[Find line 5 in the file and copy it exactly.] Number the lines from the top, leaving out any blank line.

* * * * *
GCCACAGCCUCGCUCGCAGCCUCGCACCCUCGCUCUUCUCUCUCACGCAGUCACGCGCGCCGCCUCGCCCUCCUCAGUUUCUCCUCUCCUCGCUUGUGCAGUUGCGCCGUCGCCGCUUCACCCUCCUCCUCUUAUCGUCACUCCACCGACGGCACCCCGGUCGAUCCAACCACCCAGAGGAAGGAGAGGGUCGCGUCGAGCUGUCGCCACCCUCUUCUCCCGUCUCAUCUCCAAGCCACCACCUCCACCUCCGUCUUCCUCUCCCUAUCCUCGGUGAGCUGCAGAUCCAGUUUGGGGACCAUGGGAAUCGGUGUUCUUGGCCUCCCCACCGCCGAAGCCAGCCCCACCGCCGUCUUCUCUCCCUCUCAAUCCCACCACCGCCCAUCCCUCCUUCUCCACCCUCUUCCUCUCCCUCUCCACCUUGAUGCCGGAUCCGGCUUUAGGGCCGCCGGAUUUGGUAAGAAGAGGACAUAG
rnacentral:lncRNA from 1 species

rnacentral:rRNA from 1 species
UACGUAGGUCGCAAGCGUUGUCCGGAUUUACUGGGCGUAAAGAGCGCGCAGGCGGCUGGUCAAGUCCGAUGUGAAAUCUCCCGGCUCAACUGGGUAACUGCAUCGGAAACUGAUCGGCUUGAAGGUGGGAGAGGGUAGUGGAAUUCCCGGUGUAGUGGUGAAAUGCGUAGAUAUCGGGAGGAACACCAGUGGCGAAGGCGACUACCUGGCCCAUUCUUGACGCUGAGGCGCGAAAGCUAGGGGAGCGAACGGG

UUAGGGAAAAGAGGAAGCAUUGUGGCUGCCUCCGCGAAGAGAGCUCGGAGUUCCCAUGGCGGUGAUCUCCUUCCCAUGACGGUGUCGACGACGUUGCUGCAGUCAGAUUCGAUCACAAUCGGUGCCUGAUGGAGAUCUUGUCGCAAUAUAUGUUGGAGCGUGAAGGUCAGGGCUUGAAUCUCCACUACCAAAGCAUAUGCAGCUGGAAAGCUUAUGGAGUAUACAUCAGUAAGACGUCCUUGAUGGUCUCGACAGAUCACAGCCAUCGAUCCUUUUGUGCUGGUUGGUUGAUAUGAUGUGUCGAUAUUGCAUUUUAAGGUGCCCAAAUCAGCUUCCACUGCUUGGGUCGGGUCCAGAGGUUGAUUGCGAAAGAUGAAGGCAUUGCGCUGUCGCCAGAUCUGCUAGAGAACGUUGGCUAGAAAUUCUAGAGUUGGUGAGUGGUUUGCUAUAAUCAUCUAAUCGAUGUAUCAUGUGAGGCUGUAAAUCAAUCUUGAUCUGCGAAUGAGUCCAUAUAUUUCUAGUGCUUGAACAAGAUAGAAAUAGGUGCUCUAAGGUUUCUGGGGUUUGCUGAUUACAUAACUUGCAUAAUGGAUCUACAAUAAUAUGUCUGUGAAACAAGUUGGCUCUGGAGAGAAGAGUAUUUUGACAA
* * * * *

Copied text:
UUAGGGAAAAGAGGAAGCAUUGUGGCUGCCUCCGCGAAGAGAGCUCGGAGUUCCCAUGGCGGUGAUCUCCUUCCCAUGACGGUGUCGACGACGUUGCUGCAGUCAGAUUCGAUCACAAUCGGUGCCUGAUGGAGAUCUUGUCGCAAUAUAUGUUGGAGCGUGAAGGUCAGGGCUUGAAUCUCCACUACCAAAGCAUAUGCAGCUGGAAAGCUUAUGGAGUAUACAUCAGUAAGACGUCCUUGAUGGUCUCGACAGAUCACAGCCAUCGAUCCUUUUGUGCUGGUUGGUUGAUAUGAUGUGUCGAUAUUGCAUUUUAAGGUGCCCAAAUCAGCUUCCACUGCUUGGGUCGGGUCCAGAGGUUGAUUGCGAAAGAUGAAGGCAUUGCGCUGUCGCCAGAUCUGCUAGAGAACGUUGGCUAGAAAUUCUAGAGUUGGUGAGUGGUUUGCUAUAAUCAUCUAAUCGAUGUAUCAUGUGAGGCUGUAAAUCAAUCUUGAUCUGCGAAUGAGUCCAUAUAUUUCUAGUGCUUGAACAAGAUAGAAAUAGGUGCUCUAAGGUUUCUGGGGUUUGCUGAUUACAUAACUUGCAUAAUGGAUCUACAAUAAUAUGUCUGUGAAACAAGUUGGCUCUGGAGAGAAGAGUAUUUUGACAA